Guide to the parties in Israel’s Knesset election
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Guide to the parties in Israel’s Knesset election

Your party-by-party, bite-sized guide to the runners and riders as Israelis head to the polls again

Michael Daventry is foreign editor of Jewish News

Prime minister Benjamin Netanyahu speaking in the Knesset in 2016
Prime minister Benjamin Netanyahu speaking in the Knesset in 2016

There are 13 major parties expected to be represented in the next Knesset.

Click one to learn more:

Likud
Yesh Atid
New Hope
Yamina
Yisrael Beiteinu
Joint List
Shas
United Torah Judaism
Labour
Meretz
Religious Zionist
Blue & White
United Arab List


Likud

Leader: Benjamin Netanyahu
Polling prediction: 29 seats

The modern mainstay of Israeli politics, Likud is almost certain to top the polls again. It would be the sixth successive election in which it won more seats than any other party. Together with the strictly-Orthodox parties and perhaps a small number of far-right MKs, it will most likely lead the largest bloc in the next Knesset. But that does not automatically mean victory: it will be Benjamin Netanyahu’s ability to divide his opponents, rather than marshal his supporters, that will determine whether he remains prime minister. His many years in power have shown he can create opportunities out of any situation.


Yesh Atid

Leader: Yair Lapid
Polling prediction: 20 seats

Led by a one-time TV host, this party is one of the few centrist movements that has outlasted a single election cycle in Israel’s often brutal political scene. Yesh Atid owes its survival in no small part to the fact it has not stood alone in an election for six years: since then, it was part of the Blue & White alliance. But that arrangement disintegrated with Benny Gantz’s decision to join a Netanyahu government. Yair Lapid is often portrayed by the Israeli right as a left-wing figure of hate, but he’s on course to become the main opposition leader at least. He may even be back in government.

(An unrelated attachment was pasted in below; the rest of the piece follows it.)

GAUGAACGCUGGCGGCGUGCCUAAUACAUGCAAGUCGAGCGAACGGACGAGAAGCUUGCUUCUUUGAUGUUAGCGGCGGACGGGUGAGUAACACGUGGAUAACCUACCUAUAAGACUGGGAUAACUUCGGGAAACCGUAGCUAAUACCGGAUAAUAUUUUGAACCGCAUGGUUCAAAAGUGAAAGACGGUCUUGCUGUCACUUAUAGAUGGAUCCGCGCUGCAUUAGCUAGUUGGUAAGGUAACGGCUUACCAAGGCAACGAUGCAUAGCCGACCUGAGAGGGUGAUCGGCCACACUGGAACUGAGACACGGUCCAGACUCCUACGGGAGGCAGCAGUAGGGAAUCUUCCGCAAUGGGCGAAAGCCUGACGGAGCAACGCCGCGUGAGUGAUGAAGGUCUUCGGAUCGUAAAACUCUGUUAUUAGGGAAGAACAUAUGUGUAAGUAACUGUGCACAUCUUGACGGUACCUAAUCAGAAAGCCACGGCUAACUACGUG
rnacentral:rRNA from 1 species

New Hope

Leader: Gideon Saar
Polling prediction: 9 seats

A new entrant on Israel’s political scene, this party by disgruntled former Likud star Gideon Saar and his associates was founded barely three months ago. As with Yamina’s Naftali Bennett, Saar has hopes of being a unifying force for the Israeli centre-right after – or if – Netanyahu’s reign comes to an end. Several other big Likud names defected along with Saar, who has ruled out a post-election deal with Netanyahu. But he wouldn’t be the first Israeli politician to go back on his word.


Yamina

Leader: Naftali Bennett
Polling prediction: 11 seats

Bennett’s Yamina is largely run as a co-leadership with Ayelet Shaked: the two have between them have held some of the biggest ministries in the cabinet, including education, justice and defence. In terms of ambition, though, Bennett stomps on similar ground to Gideon Saar’s New Hope. Both parties are angling to lead the Israeli centre-right after Netanyahu. But Yamina is much less moderate and has flirted with more extremist end of conservative Israeli politics in recent years. Few believe Bennett’s claims that he won’t sit in a Netanyahu government either.


Yisrael Beiteinu

Leader: Avigdor Lieberman
Polling prediction: 7 seats